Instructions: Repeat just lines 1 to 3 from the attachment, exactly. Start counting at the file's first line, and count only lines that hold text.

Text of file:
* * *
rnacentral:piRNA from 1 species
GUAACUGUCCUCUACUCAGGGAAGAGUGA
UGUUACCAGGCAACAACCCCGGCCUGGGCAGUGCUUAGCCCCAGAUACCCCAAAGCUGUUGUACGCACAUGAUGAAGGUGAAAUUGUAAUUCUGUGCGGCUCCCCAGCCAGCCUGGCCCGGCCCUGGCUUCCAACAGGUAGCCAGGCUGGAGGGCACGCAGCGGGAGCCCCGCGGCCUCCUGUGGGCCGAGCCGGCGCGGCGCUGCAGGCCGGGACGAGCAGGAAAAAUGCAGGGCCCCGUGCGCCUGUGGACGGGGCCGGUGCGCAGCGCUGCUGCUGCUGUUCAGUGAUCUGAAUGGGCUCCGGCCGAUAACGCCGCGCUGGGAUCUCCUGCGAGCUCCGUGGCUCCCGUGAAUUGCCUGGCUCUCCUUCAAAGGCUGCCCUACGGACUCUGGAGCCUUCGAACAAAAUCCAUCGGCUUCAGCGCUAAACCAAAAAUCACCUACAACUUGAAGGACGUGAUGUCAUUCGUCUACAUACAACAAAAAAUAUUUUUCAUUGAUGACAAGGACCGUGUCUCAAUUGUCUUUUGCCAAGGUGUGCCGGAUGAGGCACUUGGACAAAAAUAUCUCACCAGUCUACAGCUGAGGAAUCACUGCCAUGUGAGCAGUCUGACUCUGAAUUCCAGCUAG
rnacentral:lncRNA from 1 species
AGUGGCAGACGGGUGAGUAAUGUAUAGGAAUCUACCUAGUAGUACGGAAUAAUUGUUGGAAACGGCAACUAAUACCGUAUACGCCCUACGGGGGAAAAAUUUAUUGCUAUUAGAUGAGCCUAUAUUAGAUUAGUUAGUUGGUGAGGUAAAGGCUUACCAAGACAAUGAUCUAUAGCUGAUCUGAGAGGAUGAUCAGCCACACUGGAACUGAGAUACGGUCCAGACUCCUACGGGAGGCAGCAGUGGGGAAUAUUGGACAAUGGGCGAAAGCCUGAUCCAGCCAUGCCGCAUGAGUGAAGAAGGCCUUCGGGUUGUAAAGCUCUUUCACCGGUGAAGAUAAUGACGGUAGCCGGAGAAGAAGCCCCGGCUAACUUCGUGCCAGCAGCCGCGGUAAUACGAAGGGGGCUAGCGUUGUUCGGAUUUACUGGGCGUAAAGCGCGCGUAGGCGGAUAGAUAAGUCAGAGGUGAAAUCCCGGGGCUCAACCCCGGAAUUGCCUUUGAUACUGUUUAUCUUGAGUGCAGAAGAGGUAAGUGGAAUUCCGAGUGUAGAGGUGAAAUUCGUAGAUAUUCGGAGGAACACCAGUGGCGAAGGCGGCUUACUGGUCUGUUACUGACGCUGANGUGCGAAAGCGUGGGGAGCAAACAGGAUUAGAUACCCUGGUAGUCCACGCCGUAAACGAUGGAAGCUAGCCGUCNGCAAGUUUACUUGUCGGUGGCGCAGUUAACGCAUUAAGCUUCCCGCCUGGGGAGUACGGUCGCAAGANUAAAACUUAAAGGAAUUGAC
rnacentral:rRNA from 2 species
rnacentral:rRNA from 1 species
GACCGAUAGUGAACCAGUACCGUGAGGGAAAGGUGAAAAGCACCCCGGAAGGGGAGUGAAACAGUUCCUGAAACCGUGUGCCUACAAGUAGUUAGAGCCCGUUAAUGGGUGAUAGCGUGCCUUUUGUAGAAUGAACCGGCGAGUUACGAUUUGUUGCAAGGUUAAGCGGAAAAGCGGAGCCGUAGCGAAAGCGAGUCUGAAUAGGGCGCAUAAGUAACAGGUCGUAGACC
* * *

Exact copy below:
rnacentral:piRNA from 1 species
GUAACUGUCCUCUACUCAGGGAAGAGUGA
UGUUACCAGGCAACAACCCCGGCCUGGGCAGUGCUUAGCCCCAGAUACCCCAAAGCUGUUGUACGCACAUGAUGAAGGUGAAAUUGUAAUUCUGUGCGGCUCCCCAGCCAGCCUGGCCCGGCCCUGGCUUCCAACAGGUAGCCAGGCUGGAGGGCACGCAGCGGGAGCCCCGCGGCCUCCUGUGGGCCGAGCCGGCGCGGCGCUGCAGGCCGGGACGAGCAGGAAAAAUGCAGGGCCCCGUGCGCCUGUGGACGGGGCCGGUGCGCAGCGCUGCUGCUGCUGUUCAGUGAUCUGAAUGGGCUCCGGCCGAUAACGCCGCGCUGGGAUCUCCUGCGAGCUCCGUGGCUCCCGUGAAUUGCCUGGCUCUCCUUCAAAGGCUGCCCUACGGACUCUGGAGCCUUCGAACAAAAUCCAUCGGCUUCAGCGCUAAACCAAAAAUCACCUACAACUUGAAGGACGUGAUGUCAUUCGUCUACAUACAACAAAAAAUAUUUUUCAUUGAUGACAAGGACCGUGUCUCAAUUGUCUUUUGCCAAGGUGUGCCGGAUGAGGCACUUGGACAAAAAUAUCUCACCAGUCUACAGCUGAGGAAUCACUGCCAUGUGAGCAGUCUGACUCUGAAUUCCAGCUAG